•More than half of the state agencies, 127 out of 247, sunk into losses in the 2019/20 financial year ended June last year,mainly on poor fiscal discipline.
•The struggle in the entreprises has been pegged on among others, slowdown in economic activity, competition from cheaper imports and weak governance that have reduced their viability.
The Central Bank of Kenya has paid Sh5 billion to the government as dividend, coming at a time when various state agencies are struggling to keep afloat.
This is up from Sh4 billion moved to the Consolidated Fund in 2019, even as CBK reports a 16.6 per cent drop on deposits from government institutions in the financial year 2019/20, down to Sh281.4 billion from Sh337.4 billion the previous year.
The money released on Wednesday is an exceptional distribution from CBK’s General Reserve Fund (GRF) in the current Financial Year 2020/2021.
In a press statement yesterday, CBK said the transfer was done by crediting the Ministry of Finance’s Deposit Account at CBK.
The higher dividends to government this year comes even as a number of parastatals struggled with operations in the wake of the Covid-19 pandemic.
More than half of the state agencies, 127 out of 247, sunk into losses in the 2019/20 financial year ended June last year,mainly on poor fiscal discipline.
The struggle in the enterprises has been pegged on among others, slowdown in economic activity, competition from cheaper imports and weak governance that have reduced their viability.
The government continues to miss out on dividends from Kenya Power, Kenya Airways and Mumias Sugar where it has huge stakes.
Other struggling agencies include Kenya Broadcasting Corporation, National Oil Corporation, East Africa Portland Cement and Postal Corporation of Kenya.
The government is also keen to sale its loss-making sugar millers including Chemilil, Sony, Nzoia, Miwani and Muhoroni.
A number agencies and institutions that government has shareholding in have however remained lucrative.
They include KCB Group Plc which paid Sh2.12 billion in dividend earnings to the government last year, one of the few consistent entities to guarantee a return on investment to Treasury.
The government has a 19.76 per cent stake in the lender, which in September 2019 acquired troubled National Bank.
Another listed entity with high yields to the government is Safaricom which last year announced a higher Sh1.40 dividend payout to shareholders up from Sh1.25 the previous year.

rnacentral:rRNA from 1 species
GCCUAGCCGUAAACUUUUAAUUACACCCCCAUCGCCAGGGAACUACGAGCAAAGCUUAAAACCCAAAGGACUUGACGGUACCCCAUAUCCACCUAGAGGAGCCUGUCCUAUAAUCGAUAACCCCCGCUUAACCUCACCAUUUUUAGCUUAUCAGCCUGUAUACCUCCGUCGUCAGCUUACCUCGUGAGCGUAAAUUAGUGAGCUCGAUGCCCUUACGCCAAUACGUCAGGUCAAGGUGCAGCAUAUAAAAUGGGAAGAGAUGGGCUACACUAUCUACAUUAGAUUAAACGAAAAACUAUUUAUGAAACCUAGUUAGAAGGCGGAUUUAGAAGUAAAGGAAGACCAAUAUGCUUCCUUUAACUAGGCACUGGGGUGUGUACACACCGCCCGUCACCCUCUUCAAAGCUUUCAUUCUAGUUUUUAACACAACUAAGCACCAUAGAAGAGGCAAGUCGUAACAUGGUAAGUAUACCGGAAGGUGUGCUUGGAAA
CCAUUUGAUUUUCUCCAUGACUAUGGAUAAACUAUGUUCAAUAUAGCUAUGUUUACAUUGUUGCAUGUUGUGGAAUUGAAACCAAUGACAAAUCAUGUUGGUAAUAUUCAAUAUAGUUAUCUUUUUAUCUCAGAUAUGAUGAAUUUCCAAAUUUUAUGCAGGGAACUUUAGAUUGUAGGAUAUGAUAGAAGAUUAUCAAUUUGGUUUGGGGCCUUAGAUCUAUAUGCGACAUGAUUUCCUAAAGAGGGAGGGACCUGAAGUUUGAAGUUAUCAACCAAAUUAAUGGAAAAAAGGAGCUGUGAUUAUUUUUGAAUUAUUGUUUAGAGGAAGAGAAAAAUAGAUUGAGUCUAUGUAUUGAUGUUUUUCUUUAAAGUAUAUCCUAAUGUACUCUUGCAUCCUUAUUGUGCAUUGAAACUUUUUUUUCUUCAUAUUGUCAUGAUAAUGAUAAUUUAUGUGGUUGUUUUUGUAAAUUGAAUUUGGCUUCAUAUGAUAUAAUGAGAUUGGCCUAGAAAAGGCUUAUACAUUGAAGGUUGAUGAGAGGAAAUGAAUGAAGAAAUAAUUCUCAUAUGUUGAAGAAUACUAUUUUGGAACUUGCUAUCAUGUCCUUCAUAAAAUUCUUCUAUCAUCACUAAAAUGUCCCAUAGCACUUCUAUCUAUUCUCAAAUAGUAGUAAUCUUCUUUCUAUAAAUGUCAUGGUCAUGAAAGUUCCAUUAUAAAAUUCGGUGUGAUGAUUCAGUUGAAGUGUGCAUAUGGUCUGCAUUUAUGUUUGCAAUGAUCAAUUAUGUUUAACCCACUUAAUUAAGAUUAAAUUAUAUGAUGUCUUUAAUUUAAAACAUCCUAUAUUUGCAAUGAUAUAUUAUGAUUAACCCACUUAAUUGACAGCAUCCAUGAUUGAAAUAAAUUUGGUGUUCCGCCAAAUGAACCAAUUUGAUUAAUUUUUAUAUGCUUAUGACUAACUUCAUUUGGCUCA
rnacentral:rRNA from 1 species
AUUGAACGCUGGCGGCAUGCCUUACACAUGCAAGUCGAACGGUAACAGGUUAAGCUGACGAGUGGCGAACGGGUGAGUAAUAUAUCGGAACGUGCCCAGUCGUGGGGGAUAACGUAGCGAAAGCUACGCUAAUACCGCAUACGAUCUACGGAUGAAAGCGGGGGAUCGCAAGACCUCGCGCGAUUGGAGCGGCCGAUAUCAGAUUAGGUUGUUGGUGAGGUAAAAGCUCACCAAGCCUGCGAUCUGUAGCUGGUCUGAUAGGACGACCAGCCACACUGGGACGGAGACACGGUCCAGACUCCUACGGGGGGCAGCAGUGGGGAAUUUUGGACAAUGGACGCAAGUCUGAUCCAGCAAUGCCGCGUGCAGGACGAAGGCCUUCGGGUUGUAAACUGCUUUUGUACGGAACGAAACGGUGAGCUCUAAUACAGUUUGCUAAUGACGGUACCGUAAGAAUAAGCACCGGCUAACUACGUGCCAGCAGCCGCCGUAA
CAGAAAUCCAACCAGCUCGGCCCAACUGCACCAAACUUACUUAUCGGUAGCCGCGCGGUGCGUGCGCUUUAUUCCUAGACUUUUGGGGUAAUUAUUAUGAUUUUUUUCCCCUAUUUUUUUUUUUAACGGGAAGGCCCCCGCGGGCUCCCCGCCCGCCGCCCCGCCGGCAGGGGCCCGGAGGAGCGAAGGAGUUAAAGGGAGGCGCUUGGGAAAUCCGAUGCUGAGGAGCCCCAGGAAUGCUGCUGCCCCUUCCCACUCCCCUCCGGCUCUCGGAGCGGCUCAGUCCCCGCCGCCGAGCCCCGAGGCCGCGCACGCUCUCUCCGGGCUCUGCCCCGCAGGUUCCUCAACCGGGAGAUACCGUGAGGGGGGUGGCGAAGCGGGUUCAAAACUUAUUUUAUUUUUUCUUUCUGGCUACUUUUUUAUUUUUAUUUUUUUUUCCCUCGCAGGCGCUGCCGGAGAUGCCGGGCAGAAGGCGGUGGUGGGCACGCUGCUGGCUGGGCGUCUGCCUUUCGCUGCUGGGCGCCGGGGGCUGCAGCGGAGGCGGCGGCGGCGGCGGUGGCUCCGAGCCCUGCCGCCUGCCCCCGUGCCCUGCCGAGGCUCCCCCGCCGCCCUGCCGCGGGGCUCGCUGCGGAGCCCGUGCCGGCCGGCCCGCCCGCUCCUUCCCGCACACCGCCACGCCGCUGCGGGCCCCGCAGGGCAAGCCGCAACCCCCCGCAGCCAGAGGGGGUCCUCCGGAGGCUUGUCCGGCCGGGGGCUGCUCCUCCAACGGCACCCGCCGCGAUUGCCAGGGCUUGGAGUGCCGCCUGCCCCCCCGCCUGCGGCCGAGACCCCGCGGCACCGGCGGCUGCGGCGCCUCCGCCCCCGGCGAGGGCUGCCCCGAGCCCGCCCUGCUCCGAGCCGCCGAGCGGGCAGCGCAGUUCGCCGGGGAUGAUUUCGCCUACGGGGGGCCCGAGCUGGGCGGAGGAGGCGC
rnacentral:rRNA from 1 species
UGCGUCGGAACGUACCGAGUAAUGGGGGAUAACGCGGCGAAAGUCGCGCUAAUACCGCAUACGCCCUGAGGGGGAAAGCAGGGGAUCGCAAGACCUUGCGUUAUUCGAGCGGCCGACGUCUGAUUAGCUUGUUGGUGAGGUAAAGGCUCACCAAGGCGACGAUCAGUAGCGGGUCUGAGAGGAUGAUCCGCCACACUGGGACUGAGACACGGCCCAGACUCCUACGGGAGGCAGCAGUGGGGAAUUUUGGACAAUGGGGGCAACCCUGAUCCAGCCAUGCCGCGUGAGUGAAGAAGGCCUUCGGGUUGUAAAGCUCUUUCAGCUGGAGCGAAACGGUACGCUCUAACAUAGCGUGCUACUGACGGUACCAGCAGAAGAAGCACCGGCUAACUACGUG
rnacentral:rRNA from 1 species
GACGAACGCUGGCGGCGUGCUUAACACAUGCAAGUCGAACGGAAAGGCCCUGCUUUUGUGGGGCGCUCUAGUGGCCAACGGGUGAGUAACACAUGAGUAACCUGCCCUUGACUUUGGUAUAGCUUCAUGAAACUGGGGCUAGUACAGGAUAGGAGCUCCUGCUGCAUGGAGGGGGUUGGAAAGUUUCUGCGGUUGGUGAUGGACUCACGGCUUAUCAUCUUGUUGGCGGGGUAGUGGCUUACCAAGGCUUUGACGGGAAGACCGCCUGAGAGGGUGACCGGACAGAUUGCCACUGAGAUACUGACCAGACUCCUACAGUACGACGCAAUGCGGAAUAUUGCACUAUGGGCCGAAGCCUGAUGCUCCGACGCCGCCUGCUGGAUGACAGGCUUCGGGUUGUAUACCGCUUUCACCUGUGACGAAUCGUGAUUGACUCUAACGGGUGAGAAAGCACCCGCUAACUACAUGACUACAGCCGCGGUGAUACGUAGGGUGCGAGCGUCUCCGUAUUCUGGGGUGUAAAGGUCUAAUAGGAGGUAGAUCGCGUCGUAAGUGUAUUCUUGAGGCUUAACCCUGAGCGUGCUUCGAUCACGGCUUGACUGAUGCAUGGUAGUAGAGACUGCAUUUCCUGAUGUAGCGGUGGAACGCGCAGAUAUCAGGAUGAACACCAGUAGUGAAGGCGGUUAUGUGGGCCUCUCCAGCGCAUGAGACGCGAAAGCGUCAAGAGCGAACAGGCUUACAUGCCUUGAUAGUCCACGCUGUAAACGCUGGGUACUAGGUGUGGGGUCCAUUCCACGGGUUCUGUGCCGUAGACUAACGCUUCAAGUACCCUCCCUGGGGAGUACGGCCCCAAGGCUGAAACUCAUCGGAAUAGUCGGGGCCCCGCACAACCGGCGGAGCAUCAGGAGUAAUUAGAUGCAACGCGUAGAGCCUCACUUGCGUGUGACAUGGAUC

With a 35 per cent stake in the telco, Treasury was among the biggest gainers on dividend from the firm’s listed 40 billion shares at the Nairobi Securities Exchange.
Kenya Electricity Generating Company (KenGen) also remains lucrative. This month, it made a Sh1.1 billion payout to the government in dividends for the financial year ended June 2019.
“We are indeed privileged and honoured to pay the government Sh 1,153,856,022 in dividend at a time when businesses are facing enormous challenges occasioned by the Covid-19 pandemic, ” chairman Samson Mwathethe said last Tuesday.
The government owns 70 per cent stake at KenGen while 30 per cent is owned by private shareholders.
Meanwhile, CBK's net trading income for the financial year 2019/20 increased by Sh1.6 billion to Sh11.7, from Sh10.1 billion previous year, buoyed by sale and maturity of debt instruments.
During the year, the bank recorded a net surplus of Sh41.5 billion compared to Sh26.1 billion in financial year ended 30 June 2019.
The surplus is included as part of the General Reserve Fund.
Operating surplus before unrealised gains was Sh17.1 billion down from Sh 21 billion the previous year.
Interest income equally fell to Sh22.3 billion from Sh23.3 billion in 2019, which CBK says was “due to lower rates offered on foreign deposit placements and a decline in fixed income yields respectively as a result of global monetary policy easing cycles.”
The transfer of this surplus to the Government of Kenya revenues was done to support their efforts in the Covid-19 pandemic crisisCBK board secretary Kennedy Abuga
On March 20, last year the directors approved a transfer of Sh7.2 billion to the Consolidated Fund from the General Reserve Fund.
This transfer represented a one-off surplus arising from the demonetization exercise carried out by the CBK in the year.
“The transfer of this surplus to the Government of Kenya revenues was done to support their efforts in the Covid-19 pandemic crisis,” board secretary Kennedy Abuga notes in the bank's latest financial report.